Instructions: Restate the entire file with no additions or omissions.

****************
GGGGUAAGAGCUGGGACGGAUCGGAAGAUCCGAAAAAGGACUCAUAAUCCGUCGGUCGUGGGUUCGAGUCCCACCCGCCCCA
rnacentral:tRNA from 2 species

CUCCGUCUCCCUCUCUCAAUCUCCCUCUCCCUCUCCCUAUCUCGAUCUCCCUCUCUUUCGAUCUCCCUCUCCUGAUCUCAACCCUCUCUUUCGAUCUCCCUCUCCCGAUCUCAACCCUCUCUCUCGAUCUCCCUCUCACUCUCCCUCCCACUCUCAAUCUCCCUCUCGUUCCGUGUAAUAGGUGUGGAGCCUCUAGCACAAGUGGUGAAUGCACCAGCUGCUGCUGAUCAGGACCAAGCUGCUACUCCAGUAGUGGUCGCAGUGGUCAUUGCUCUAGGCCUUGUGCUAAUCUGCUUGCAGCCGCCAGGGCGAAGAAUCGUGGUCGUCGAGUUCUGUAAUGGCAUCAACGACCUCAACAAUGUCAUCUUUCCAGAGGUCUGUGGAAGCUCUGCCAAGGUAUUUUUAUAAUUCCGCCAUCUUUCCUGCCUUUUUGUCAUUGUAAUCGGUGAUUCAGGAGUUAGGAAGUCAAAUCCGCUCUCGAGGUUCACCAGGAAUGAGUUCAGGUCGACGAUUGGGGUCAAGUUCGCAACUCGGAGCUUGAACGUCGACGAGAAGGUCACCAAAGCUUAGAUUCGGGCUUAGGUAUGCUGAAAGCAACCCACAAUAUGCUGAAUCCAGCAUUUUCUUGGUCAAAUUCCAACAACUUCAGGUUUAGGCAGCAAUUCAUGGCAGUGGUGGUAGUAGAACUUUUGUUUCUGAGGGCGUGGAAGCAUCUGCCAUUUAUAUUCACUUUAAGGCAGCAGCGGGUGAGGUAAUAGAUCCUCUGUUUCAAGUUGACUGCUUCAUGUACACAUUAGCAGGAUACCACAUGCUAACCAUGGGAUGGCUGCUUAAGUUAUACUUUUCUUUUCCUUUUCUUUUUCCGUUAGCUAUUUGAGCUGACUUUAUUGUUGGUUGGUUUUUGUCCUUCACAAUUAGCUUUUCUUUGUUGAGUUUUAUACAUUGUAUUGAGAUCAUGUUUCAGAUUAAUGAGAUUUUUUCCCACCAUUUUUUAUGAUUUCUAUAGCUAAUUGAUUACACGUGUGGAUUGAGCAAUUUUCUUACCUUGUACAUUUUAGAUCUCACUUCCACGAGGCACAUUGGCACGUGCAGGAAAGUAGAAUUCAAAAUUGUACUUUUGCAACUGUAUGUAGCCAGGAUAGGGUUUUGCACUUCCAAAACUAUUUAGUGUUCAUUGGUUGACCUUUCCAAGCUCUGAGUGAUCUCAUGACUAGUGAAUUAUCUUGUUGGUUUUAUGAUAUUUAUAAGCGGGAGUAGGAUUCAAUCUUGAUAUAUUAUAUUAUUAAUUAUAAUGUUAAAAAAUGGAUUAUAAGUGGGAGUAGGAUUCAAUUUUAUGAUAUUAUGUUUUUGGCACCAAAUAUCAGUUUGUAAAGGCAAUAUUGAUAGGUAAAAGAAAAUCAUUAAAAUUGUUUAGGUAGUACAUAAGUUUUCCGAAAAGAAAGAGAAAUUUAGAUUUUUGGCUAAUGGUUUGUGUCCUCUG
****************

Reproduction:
GGGGUAAGAGCUGGGACGGAUCGGAAGAUCCGAAAAAGGACUCAUAAUCCGUCGGUCGUGGGUUCGAGUCCCACCCGCCCCA
rnacentral:tRNA from 2 species

CUCCGUCUCCCUCUCUCAAUCUCCCUCUCCCUCUCCCUAUCUCGAUCUCCCUCUCUUUCGAUCUCCCUCUCCUGAUCUCAACCCUCUCUUUCGAUCUCCCUCUCCCGAUCUCAACCCUCUCUCUCGAUCUCCCUCUCACUCUCCCUCCCACUCUCAAUCUCCCUCUCGUUCCGUGUAAUAGGUGUGGAGCCUCUAGCACAAGUGGUGAAUGCACCAGCUGCUGCUGAUCAGGACCAAGCUGCUACUCCAGUAGUGGUCGCAGUGGUCAUUGCUCUAGGCCUUGUGCUAAUCUGCUUGCAGCCGCCAGGGCGAAGAAUCGUGGUCGUCGAGUUCUGUAAUGGCAUCAACGACCUCAACAAUGUCAUCUUUCCAGAGGUCUGUGGAAGCUCUGCCAAGGUAUUUUUAUAAUUCCGCCAUCUUUCCUGCCUUUUUGUCAUUGUAAUCGGUGAUUCAGGAGUUAGGAAGUCAAAUCCGCUCUCGAGGUUCACCAGGAAUGAGUUCAGGUCGACGAUUGGGGUCAAGUUCGCAACUCGGAGCUUGAACGUCGACGAGAAGGUCACCAAAGCUUAGAUUCGGGCUUAGGUAUGCUGAAAGCAACCCACAAUAUGCUGAAUCCAGCAUUUUCUUGGUCAAAUUCCAACAACUUCAGGUUUAGGCAGCAAUUCAUGGCAGUGGUGGUAGUAGAACUUUUGUUUCUGAGGGCGUGGAAGCAUCUGCCAUUUAUAUUCACUUUAAGGCAGCAGCGGGUGAGGUAAUAGAUCCUCUGUUUCAAGUUGACUGCUUCAUGUACACAUUAGCAGGAUACCACAUGCUAACCAUGGGAUGGCUGCUUAAGUUAUACUUUUCUUUUCCUUUUCUUUUUCCGUUAGCUAUUUGAGCUGACUUUAUUGUUGGUUGGUUUUUGUCCUUCACAAUUAGCUUUUCUUUGUUGAGUUUUAUACAUUGUAUUGAGAUCAUGUUUCAGAUUAAUGAGAUUUUUUCCCACCAUUUUUUAUGAUUUCUAUAGCUAAUUGAUUACACGUGUGGAUUGAGCAAUUUUCUUACCUUGUACAUUUUAGAUCUCACUUCCACGAGGCACAUUGGCACGUGCAGGAAAGUAGAAUUCAAAAUUGUACUUUUGCAACUGUAUGUAGCCAGGAUAGGGUUUUGCACUUCCAAAACUAUUUAGUGUUCAUUGGUUGACCUUUCCAAGCUCUGAGUGAUCUCAUGACUAGUGAAUUAUCUUGUUGGUUUUAUGAUAUUUAUAAGCGGGAGUAGGAUUCAAUCUUGAUAUAUUAUAUUAUUAAUUAUAAUGUUAAAAAAUGGAUUAUAAGUGGGAGUAGGAUUCAAUUUUAUGAUAUUAUGUUUUUGGCACCAAAUAUCAGUUUGUAAAGGCAAUAUUGAUAGGUAAAAGAAAAUCAUUAAAAUUGUUUAGGUAGUACAUAAGUUUUCCGAAAAGAAAGAGAAAUUUAGAUUUUUGGCUAAUGGUUUGUGUCCUCUG